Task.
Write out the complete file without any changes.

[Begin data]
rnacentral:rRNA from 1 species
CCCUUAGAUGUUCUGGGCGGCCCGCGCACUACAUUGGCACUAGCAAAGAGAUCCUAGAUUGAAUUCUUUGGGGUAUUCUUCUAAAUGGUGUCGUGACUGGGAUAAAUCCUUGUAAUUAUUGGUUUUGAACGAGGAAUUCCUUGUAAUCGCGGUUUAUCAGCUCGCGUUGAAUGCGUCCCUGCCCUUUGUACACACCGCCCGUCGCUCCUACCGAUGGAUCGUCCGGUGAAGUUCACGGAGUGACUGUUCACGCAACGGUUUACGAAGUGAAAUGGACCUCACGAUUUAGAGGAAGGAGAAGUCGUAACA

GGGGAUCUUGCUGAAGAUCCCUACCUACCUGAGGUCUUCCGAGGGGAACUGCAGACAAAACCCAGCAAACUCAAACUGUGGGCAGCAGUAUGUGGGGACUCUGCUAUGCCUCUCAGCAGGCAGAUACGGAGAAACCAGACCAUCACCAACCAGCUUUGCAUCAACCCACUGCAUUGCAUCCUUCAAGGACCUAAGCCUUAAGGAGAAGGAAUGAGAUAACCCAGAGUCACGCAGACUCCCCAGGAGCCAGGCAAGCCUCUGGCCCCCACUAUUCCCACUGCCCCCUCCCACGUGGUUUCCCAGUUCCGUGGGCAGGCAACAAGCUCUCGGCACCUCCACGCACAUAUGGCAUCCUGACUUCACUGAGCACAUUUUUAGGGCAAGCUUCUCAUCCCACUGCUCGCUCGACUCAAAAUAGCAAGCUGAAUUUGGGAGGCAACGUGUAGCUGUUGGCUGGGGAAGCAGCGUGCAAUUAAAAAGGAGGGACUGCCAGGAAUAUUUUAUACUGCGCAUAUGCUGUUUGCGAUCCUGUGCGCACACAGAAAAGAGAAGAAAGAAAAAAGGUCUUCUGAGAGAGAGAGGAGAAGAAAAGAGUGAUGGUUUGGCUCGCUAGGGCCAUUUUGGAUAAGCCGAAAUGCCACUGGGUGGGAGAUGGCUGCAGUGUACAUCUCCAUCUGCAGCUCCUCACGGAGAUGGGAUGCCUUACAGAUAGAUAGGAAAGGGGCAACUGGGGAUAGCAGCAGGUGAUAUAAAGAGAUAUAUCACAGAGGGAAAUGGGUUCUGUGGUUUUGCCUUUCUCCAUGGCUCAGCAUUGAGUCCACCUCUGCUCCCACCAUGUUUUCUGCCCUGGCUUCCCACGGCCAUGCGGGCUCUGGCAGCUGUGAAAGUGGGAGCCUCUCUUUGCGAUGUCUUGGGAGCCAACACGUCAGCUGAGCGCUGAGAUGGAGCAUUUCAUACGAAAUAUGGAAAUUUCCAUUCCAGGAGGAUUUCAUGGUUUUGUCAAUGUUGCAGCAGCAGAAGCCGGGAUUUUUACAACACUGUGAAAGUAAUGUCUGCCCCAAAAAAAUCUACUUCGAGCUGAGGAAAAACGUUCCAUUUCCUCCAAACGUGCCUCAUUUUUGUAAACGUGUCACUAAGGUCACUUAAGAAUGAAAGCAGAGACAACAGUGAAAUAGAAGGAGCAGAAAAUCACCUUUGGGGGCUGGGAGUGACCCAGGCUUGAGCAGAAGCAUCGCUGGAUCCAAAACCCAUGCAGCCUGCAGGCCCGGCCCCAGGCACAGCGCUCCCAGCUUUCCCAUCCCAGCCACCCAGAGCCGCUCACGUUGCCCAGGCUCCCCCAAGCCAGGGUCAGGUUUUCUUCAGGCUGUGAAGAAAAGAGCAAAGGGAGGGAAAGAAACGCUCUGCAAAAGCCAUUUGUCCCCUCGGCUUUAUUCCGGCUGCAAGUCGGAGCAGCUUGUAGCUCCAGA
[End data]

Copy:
rnacentral:rRNA from 1 species
CCCUUAGAUGUUCUGGGCGGCCCGCGCACUACAUUGGCACUAGCAAAGAGAUCCUAGAUUGAAUUCUUUGGGGUAUUCUUCUAAAUGGUGUCGUGACUGGGAUAAAUCCUUGUAAUUAUUGGUUUUGAACGAGGAAUUCCUUGUAAUCGCGGUUUAUCAGCUCGCGUUGAAUGCGUCCCUGCCCUUUGUACACACCGCCCGUCGCUCCUACCGAUGGAUCGUCCGGUGAAGUUCACGGAGUGACUGUUCACGCAACGGUUUACGAAGUGAAAUGGACCUCACGAUUUAGAGGAAGGAGAAGUCGUAACA

GGGGAUCUUGCUGAAGAUCCCUACCUACCUGAGGUCUUCCGAGGGGAACUGCAGACAAAACCCAGCAAACUCAAACUGUGGGCAGCAGUAUGUGGGGACUCUGCUAUGCCUCUCAGCAGGCAGAUACGGAGAAACCAGACCAUCACCAACCAGCUUUGCAUCAACCCACUGCAUUGCAUCCUUCAAGGACCUAAGCCUUAAGGAGAAGGAAUGAGAUAACCCAGAGUCACGCAGACUCCCCAGGAGCCAGGCAAGCCUCUGGCCCCCACUAUUCCCACUGCCCCCUCCCACGUGGUUUCCCAGUUCCGUGGGCAGGCAACAAGCUCUCGGCACCUCCACGCACAUAUGGCAUCCUGACUUCACUGAGCACAUUUUUAGGGCAAGCUUCUCAUCCCACUGCUCGCUCGACUCAAAAUAGCAAGCUGAAUUUGGGAGGCAACGUGUAGCUGUUGGCUGGGGAAGCAGCGUGCAAUUAAAAAGGAGGGACUGCCAGGAAUAUUUUAUACUGCGCAUAUGCUGUUUGCGAUCCUGUGCGCACACAGAAAAGAGAAGAAAGAAAAAAGGUCUUCUGAGAGAGAGAGGAGAAGAAAAGAGUGAUGGUUUGGCUCGCUAGGGCCAUUUUGGAUAAGCCGAAAUGCCACUGGGUGGGAGAUGGCUGCAGUGUACAUCUCCAUCUGCAGCUCCUCACGGAGAUGGGAUGCCUUACAGAUAGAUAGGAAAGGGGCAACUGGGGAUAGCAGCAGGUGAUAUAAAGAGAUAUAUCACAGAGGGAAAUGGGUUCUGUGGUUUUGCCUUUCUCCAUGGCUCAGCAUUGAGUCCACCUCUGCUCCCACCAUGUUUUCUGCCCUGGCUUCCCACGGCCAUGCGGGCUCUGGCAGCUGUGAAAGUGGGAGCCUCUCUUUGCGAUGUCUUGGGAGCCAACACGUCAGCUGAGCGCUGAGAUGGAGCAUUUCAUACGAAAUAUGGAAAUUUCCAUUCCAGGAGGAUUUCAUGGUUUUGUCAAUGUUGCAGCAGCAGAAGCCGGGAUUUUUACAACACUGUGAAAGUAAUGUCUGCCCCAAAAAAAUCUACUUCGAGCUGAGGAAAAACGUUCCAUUUCCUCCAAACGUGCCUCAUUUUUGUAAACGUGUCACUAAGGUCACUUAAGAAUGAAAGCAGAGACAACAGUGAAAUAGAAGGAGCAGAAAAUCACCUUUGGGGGCUGGGAGUGACCCAGGCUUGAGCAGAAGCAUCGCUGGAUCCAAAACCCAUGCAGCCUGCAGGCCCGGCCCCAGGCACAGCGCUCCCAGCUUUCCCAUCCCAGCCACCCAGAGCCGCUCACGUUGCCCAGGCUCCCCCAAGCCAGGGUCAGGUUUUCUUCAGGCUGUGAAGAAAAGAGCAAAGGGAGGGAAAGAAACGCUCUGCAAAAGCCAUUUGUCCCCUCGGCUUUAUUCCGGCUGCAAGUCGGAGCAGCUUGUAGCUCCAGA